Feb 6, 1736 - Journal of John Wesley
At sea, on the way to Georgia ...
At noon our third storm began. At four it was more violent than before. The winds roared round about us, and whistled as distinctly as if it had been a human voice. The ship not only rocked to and fro with the utmost violence, but shook and jarred with so unequal, grating motion, that one could not but with great difficulty keep one’s hold of anything, nor stand a moment without it. Every ten minutes came a shock against the stern or side of the ship, which one would think should dash the planks to pieces.
We spent two or three hours, after prayers, in conversing suitably to the occasion, confirming one another in a calm submission to the wise, holy, gracious will of God. And now a storm did not appear so terrible as before. Blessed be the God of all consolation!
At seven I went to the Germans [Moravian Brethren]. I had long before observed the great seriousness of their behavior. Of their humility, they had given a continual proof by performing those servile offices for the other passengers, which none of the English would undertake. They neither desired nor would receive any pay, saying “It was good for their proud hearts,” and “their loving Savior had done more for them.” And every day had given them occasion of showing a meekness, which no injury could move. If they were pushed, struck, or thrown down, they rose again and went away; but no complaint was found in their mouth.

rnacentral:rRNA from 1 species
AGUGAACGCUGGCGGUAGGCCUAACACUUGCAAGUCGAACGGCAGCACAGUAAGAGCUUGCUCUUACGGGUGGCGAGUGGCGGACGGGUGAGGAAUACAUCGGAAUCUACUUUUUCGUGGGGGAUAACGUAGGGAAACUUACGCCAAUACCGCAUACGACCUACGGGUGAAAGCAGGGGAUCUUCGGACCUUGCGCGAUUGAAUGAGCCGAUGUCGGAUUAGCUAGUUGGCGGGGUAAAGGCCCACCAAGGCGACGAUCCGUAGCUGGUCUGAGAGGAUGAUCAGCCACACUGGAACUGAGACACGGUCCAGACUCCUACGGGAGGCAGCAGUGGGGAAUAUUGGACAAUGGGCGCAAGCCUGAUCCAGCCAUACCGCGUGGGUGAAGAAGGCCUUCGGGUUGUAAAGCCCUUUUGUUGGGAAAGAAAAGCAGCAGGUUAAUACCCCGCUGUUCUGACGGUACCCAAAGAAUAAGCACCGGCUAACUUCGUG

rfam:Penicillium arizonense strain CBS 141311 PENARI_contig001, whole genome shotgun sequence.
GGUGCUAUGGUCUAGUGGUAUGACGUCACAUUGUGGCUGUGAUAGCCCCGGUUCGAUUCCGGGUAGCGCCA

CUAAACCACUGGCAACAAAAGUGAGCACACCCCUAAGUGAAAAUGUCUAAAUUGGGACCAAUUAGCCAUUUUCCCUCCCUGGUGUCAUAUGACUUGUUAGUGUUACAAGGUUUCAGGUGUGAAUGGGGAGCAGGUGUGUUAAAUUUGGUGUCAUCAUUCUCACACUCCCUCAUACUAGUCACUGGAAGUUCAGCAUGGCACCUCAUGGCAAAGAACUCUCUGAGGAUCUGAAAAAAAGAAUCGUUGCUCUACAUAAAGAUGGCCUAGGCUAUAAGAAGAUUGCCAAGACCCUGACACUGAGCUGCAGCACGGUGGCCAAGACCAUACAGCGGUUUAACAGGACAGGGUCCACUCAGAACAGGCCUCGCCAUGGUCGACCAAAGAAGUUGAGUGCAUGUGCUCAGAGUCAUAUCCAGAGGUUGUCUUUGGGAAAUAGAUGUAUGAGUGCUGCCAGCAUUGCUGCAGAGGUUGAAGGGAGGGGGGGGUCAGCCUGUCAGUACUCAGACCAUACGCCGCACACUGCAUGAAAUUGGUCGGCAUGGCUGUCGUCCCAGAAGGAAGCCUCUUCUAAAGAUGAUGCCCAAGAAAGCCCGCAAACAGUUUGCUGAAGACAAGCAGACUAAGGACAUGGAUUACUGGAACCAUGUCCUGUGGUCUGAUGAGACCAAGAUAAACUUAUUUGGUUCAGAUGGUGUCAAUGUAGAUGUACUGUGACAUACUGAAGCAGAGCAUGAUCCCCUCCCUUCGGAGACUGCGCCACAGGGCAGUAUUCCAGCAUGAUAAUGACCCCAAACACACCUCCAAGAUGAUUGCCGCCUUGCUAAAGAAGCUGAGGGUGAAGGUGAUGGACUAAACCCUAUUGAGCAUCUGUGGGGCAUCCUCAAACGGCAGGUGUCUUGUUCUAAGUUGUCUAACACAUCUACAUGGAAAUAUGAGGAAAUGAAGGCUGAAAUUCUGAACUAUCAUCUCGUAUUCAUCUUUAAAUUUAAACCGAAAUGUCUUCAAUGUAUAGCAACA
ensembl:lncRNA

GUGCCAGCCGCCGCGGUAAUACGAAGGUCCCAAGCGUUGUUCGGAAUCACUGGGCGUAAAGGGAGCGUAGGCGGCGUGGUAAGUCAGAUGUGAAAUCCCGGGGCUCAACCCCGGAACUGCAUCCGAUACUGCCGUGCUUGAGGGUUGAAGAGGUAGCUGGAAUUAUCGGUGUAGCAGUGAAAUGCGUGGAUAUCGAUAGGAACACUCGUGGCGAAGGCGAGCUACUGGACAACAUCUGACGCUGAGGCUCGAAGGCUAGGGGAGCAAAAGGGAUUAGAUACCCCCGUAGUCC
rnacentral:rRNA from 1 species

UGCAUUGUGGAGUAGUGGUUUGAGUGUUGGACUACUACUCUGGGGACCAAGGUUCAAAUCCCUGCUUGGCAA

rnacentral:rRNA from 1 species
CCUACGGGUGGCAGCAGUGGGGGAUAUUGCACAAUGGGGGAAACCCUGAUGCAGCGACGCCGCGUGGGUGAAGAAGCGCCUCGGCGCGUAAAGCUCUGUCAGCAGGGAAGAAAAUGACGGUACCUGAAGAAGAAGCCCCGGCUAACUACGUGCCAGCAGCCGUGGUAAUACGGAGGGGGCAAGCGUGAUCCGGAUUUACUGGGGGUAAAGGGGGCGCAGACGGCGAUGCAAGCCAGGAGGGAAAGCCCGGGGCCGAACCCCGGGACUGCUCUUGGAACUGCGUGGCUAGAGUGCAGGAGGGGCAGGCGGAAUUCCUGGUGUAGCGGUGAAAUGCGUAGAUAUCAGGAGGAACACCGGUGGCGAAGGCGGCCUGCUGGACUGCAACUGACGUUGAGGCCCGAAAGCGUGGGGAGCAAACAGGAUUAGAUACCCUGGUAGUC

There was now an opportunity of trying whether they were delivered from the spirit of fear, as well as from that of pride, anger, and revenge. In the midst of the Psalm wherewith their service began, the sea broke over, split the mainsail in pieces, covered the ship, and poured in between the decks, as if the great deep had already swallowed us up. A terrible screaming began among the English. The Germans calmly sung on. I asked one of them afterward, “Were you not afraid?”
He answered, “I thank God, no.”
I asked, “But were not your women and children afraid?”
He replied mildly, “No; our women and children are not afraid to die.”From them I went to their crying, trembling neighbors, and pointed out to them the difference, in the hour of trial, between him that feareth God, and him that feareth Him not. At twelve the wind fell. This was the most glorious day which I have hitherto seen.
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